Tom Brady has no limitations on games he can work, despite pending effort to buy piece of Raiders

Tom Brady will serve as a broadcaster for Fox this year. He also has a pending deal to buy a sizable piece of the Raiders.

Despite the obvious conflict of interest, the league has placed no restrictions on his ability to call games involving the Raiders or their top rivals in the AFC West.

"Right now, Tom's not an owner of the Raiders, and as we go into this year, Tom's able to call any game on the schedule," NFL Executive Vice President, Media Distribution, Hans Schroeder said during a Thursday conference call with reporters.

This implies that, once the deal is done, there could be limits on the games Brady can do.

Brady's proposed purchase of roughly 5-10 percent of the team has been bogged down by various factors. It's believed that owner Mark Davis wanted to use equity as compensation for employment of Brady; the league closed that door for all teams last year. Then, the below-market value of the purchase price became a concern.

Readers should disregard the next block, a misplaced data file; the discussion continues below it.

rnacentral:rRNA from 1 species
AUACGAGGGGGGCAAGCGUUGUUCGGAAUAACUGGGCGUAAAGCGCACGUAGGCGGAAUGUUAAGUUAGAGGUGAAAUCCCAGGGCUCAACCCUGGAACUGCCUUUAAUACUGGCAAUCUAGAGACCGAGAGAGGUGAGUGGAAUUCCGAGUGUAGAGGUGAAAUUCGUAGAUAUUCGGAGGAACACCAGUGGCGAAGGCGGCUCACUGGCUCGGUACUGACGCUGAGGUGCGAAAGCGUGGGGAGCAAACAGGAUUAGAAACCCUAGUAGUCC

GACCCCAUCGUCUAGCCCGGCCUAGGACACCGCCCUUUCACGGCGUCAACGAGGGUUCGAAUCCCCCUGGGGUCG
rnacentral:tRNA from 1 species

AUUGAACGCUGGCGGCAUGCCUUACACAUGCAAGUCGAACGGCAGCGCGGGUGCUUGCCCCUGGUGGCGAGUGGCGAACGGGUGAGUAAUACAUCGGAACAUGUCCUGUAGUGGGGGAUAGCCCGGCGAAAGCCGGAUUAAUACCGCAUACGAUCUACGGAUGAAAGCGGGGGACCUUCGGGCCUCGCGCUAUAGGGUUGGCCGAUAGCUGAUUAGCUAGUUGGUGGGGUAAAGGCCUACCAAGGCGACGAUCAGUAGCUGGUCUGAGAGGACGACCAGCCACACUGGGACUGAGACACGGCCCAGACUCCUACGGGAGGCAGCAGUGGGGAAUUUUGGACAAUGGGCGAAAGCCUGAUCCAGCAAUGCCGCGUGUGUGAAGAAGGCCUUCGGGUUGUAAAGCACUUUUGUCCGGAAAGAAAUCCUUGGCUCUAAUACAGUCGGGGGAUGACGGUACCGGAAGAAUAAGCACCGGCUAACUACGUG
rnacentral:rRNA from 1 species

Multiple reports also have cited Brady's role on Fox as a reason to keep him from owning part of a team. And for good reason. It's an obvious problem, even without the deal being done.

Done deal or no deal done, Brady is aligned with the Raiders. He's waiting for at least 23 other teams to let him in. Despite the transaction not being official, the paperwork has been signed.

It will be interesting to see whether other teams that compete with the Raiders (particularly in the division) will freeze Brady out of practices and production meetings.

Chris Simms has said on PFT Live that when his father, Phil, was first calling games, Broncos coach Mike Shanahan objected to his presence at practice given Phil's connection to Bill Parcells, who by then was coaching the Jets. That's a far more tenuous connection than Brady has with the Raiders, even without the rest of the owners waving the magic wand and shouting Oligarchis Joinus!